Alfred Frank Bunetta obituary photo
 
In Memory of

Alfred Frank Bunetta

July 12, 1942 - March 22, 2015

Obituary


Grammy-winning producer, artist manager, publisher and label founder Al Bunetta died Sunday evening at Nashville's Saint Thomas Hospital after a brief battle with cancer. He was 72 years old.
Mr. Bunetta got his start in the music business as a road manager for The Young Rascals (later just The Rascals) in the late 1960s.
He then got a job as a talent manager in New York at Paul Anka's management company, CMA; there, he worked with acts such as Al Green, Bette Midler and The Manhattan Transfer.
In 1971, he began working with two of...

Grammy-winning producer, artist manager, publisher and label founder Al Bunetta died Sunday evening at Nashville's Saint Thomas Hospital after a brief battle with cancer. He was 72 years old.
Mr. Bunetta got his start in the music business as a road manager for The Young Rascals (later just The Rascals) in the late 1960s.
He then got a job as a talent manager in New York at Paul Anka's management company, CMA; there, he worked with acts such as Al Green, Bette Midler and The Manhattan Transfer.
In 1971, he began working with two of the company's newest signees: Chicago singer-songwriters John Prine and Steve Goodman ("City of New Orleans" and "You Never Even Called Me By My Name"). Mr. Bunetta would serve as Prine's dogged manager for more than four decades. For Prine, that relationship would serve as the bedrock to a legendary career of classics such as "Sam Stone" and "Angel from Montgomery." "I'd still be singing these songs to the walls if it weren't for Al Bunetta and (colleague) Dan Einstein," he wrote in the liner notes for his 1993 collection, "Great Days: The John Prine Anthology."
In 1984, Mr. Bunetta, Einstein and Prine co-founded Oh Boy Records, an independent label based in Nashville that would go on to release projects by Prine, Mac Wiseman, Kris Kristofferson, Todd Snider, Janis Ian, Shawn Camp and more, in addition to reissuing classic recordings by artists such as Joe Tex, Willie Nelson and Merle Haggard.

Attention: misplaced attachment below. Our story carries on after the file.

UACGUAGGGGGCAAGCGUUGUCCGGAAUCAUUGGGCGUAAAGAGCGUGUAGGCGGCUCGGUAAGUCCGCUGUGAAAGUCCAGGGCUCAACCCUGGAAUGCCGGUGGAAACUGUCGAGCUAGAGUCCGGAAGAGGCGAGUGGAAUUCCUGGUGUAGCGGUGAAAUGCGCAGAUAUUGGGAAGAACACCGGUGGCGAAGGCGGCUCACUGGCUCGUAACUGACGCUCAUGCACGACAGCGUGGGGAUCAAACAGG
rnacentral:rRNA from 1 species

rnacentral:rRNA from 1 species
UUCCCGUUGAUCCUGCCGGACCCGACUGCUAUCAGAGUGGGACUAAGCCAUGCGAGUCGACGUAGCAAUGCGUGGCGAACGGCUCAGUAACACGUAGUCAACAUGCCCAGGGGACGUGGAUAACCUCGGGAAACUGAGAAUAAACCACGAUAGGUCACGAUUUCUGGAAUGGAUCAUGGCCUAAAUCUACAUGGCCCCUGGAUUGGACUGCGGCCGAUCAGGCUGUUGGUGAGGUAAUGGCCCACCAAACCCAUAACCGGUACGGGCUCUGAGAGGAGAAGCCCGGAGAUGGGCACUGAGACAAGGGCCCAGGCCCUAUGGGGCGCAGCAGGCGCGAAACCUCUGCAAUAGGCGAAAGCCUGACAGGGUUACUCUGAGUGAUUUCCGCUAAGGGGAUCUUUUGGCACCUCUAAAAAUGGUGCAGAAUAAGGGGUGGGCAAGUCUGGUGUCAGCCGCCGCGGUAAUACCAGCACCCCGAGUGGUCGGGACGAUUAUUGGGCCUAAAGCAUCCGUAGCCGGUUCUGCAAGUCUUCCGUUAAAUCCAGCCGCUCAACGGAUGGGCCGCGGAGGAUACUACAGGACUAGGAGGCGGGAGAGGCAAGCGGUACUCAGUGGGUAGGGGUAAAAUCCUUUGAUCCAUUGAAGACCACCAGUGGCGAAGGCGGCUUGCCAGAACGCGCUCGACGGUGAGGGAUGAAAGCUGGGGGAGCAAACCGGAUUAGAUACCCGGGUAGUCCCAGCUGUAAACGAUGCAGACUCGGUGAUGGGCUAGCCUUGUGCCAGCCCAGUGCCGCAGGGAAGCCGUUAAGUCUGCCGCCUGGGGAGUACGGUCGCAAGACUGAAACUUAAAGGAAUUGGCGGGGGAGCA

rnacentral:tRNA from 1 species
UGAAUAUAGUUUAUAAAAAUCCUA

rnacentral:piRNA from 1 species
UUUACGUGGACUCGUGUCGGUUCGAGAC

"Al was a real trailblazer in so many ways," says David Macias, founder of Thirty Tigers. "Starting Oh Boy was an incredibly brave thing to do back then. ''' I looked to him and John as examples frequently. He was always somebody you could go to. He was such a warm guy, but he was far from soft. He could make good and pragmatic business decisions when he needed to."
Gregarious and passionate in everything he did, Mr. Bunetta took nearly as much joy in good food and good company as he did in good music. For years, he could be seen holding court at Savarino's Cucina, where he had a sandwich named in his honor. Nearly every day, he'd sit among other East Coast Italian-American transplants, talking, eating and laughing for hours. Writes Macias, "I'll bet St. Peter is on his way to Savarino's for a meatball sub, now that Al has gotten hold of him."
Mr. Bunetta leaves behind his wife, Dawn. He is preceded in death by his son, Juri, who died in 2011.
Memorial service will be held 11: 00 am Tuesday, March 31, 2015 at the Country Music Hall of Fame Auditorium.
In lieu of flowers, donations may be made to the Juri Bunetta Friendship Foundation.